Does Eating Fat Make You Fat? – Debunking Myths About Fat

fat rich food

Do you remember when so-called medical experts were pointing at the saturated fat in eggs as one reason behind weight gain and heart problems? How about when they retracted that statement? Out of the three macronutrients, fat has gotten the worst publicity as it’s been the subject of ridicule for years.

The most calorically-dense macronutrient at 9 calories per gram, dietary fat was once deemed the primary cause for weight gain. While this might be true for the trans-fat that is found in processed foods, other types of fat including monounsaturated and polyunsaturated fats are a necessary part of your diet.

Let’s debunk the most common myths about dietary fat and reveal what the real threat to your waistline.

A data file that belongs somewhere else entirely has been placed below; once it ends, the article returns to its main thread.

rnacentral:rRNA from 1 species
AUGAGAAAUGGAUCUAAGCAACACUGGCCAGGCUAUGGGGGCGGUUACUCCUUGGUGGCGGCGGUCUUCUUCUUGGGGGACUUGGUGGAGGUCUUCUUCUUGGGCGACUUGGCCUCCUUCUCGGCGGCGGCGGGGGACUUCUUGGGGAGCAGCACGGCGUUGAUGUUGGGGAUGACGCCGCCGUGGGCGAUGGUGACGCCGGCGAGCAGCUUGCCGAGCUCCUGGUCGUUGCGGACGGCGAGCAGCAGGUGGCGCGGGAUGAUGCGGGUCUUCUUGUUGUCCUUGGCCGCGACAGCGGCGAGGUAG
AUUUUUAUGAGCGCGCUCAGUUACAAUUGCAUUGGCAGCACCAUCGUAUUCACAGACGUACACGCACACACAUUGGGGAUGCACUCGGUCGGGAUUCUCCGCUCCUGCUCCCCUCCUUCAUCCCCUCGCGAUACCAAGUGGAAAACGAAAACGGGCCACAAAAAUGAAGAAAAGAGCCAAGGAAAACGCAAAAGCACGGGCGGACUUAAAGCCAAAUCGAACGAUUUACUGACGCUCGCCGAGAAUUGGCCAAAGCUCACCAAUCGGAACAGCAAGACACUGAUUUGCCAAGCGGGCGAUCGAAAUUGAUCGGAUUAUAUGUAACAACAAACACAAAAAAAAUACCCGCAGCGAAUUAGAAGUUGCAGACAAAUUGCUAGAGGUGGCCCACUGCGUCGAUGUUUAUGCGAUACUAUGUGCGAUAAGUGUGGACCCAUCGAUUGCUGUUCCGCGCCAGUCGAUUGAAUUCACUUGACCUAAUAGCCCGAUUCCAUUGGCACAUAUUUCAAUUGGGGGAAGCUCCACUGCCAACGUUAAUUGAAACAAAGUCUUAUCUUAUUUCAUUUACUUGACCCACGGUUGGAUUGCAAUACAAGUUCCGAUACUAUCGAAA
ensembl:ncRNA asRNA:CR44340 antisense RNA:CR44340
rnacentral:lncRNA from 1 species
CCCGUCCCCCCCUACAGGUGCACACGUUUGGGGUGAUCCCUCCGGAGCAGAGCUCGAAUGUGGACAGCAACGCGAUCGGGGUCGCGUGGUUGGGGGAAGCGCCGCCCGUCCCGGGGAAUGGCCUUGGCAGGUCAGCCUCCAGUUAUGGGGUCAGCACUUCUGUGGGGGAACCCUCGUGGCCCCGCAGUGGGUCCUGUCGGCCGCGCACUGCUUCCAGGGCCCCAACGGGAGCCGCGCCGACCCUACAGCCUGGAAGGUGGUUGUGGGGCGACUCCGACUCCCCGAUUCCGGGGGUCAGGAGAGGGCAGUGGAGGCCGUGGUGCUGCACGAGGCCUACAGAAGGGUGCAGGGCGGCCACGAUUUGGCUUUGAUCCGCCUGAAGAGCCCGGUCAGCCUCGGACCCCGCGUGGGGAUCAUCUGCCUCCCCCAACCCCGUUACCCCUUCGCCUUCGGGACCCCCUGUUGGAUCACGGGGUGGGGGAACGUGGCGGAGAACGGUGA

Despite numerous scientific studies, the myth that saturated fat causes heart disease just won’t seem to go away.

Saturated fats are primarily found within animal products such as steak, chicken, pork, milk, and eggs. You can also find it in plant-based sources such as avocados and coconut oil. Saturated fat has been proven in several studies NOT to be a direct cause of heart disease.

In fact, saturated fat is considered an essential macronutrient playing a variety of important roles that benefit your overall health. Vital organs such as the liver, brain, and lungs require saturated fat for optimal functioning. (1)

Want a workout that fights cardiovascular disease? Check out our article on strength training vs. HIIT.


Another myth that won’t die: Cholesterol has long been said to negatively impact your health. This goes hand in hand with the claims against dietary fat. From this, trendy diet plans formed with a focus on cutting out all fat and cholesterol along with it.